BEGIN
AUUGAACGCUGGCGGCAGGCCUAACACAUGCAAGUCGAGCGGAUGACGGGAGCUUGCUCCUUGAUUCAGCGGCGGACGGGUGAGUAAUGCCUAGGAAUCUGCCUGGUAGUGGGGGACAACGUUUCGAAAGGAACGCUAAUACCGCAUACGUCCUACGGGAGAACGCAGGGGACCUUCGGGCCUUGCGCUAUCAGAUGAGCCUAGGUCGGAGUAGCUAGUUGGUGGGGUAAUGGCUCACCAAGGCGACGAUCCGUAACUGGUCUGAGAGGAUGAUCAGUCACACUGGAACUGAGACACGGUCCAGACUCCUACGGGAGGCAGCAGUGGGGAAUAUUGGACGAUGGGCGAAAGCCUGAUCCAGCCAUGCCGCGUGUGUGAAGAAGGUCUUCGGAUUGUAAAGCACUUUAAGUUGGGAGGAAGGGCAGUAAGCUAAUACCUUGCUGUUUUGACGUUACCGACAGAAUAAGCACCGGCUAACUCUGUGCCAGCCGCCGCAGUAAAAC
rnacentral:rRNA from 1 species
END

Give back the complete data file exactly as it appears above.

AUUGAACGCUGGCGGCAGGCCUAACACAUGCAAGUCGAGCGGAUGACGGGAGCUUGCUCCUUGAUUCAGCGGCGGACGGGUGAGUAAUGCCUAGGAAUCUGCCUGGUAGUGGGGGACAACGUUUCGAAAGGAACGCUAAUACCGCAUACGUCCUACGGGAGAACGCAGGGGACCUUCGGGCCUUGCGCUAUCAGAUGAGCCUAGGUCGGAGUAGCUAGUUGGUGGGGUAAUGGCUCACCAAGGCGACGAUCCGUAACUGGUCUGAGAGGAUGAUCAGUCACACUGGAACUGAGACACGGUCCAGACUCCUACGGGAGGCAGCAGUGGGGAAUAUUGGACGAUGGGCGAAAGCCUGAUCCAGCCAUGCCGCGUGUGUGAAGAAGGUCUUCGGAUUGUAAAGCACUUUAAGUUGGGAGGAAGGGCAGUAAGCUAAUACCUUGCUGUUUUGACGUUACCGACAGAAUAAGCACCGGCUAACUCUGUGCCAGCCGCCGCAGUAAAAC
rnacentral:rRNA from 1 species